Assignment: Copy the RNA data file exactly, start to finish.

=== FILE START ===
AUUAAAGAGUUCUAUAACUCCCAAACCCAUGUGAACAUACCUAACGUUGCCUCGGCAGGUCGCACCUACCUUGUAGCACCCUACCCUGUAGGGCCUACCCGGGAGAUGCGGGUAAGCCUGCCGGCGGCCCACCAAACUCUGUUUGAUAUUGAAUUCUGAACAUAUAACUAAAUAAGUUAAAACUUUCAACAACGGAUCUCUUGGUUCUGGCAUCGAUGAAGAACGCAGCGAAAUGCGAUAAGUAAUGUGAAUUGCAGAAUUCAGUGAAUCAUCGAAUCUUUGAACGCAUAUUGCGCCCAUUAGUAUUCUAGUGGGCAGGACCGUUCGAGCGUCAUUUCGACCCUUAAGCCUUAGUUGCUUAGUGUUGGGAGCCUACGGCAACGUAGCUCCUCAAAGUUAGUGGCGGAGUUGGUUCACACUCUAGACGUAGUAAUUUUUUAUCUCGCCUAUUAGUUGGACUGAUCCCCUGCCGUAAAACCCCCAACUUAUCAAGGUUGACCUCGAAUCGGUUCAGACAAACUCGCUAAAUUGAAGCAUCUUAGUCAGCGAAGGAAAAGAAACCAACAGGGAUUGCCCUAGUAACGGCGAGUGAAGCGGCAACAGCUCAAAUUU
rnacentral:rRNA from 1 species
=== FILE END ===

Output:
AUUAAAGAGUUCUAUAACUCCCAAACCCAUGUGAACAUACCUAACGUUGCCUCGGCAGGUCGCACCUACCUUGUAGCACCCUACCCUGUAGGGCCUACCCGGGAGAUGCGGGUAAGCCUGCCGGCGGCCCACCAAACUCUGUUUGAUAUUGAAUUCUGAACAUAUAACUAAAUAAGUUAAAACUUUCAACAACGGAUCUCUUGGUUCUGGCAUCGAUGAAGAACGCAGCGAAAUGCGAUAAGUAAUGUGAAUUGCAGAAUUCAGUGAAUCAUCGAAUCUUUGAACGCAUAUUGCGCCCAUUAGUAUUCUAGUGGGCAGGACCGUUCGAGCGUCAUUUCGACCCUUAAGCCUUAGUUGCUUAGUGUUGGGAGCCUACGGCAACGUAGCUCCUCAAAGUUAGUGGCGGAGUUGGUUCACACUCUAGACGUAGUAAUUUUUUAUCUCGCCUAUUAGUUGGACUGAUCCCCUGCCGUAAAACCCCCAACUUAUCAAGGUUGACCUCGAAUCGGUUCAGACAAACUCGCUAAAUUGAAGCAUCUUAGUCAGCGAAGGAAAAGAAACCAACAGGGAUUGCCCUAGUAACGGCGAGUGAAGCGGCAACAGCUCAAAUUU
rnacentral:rRNA from 1 species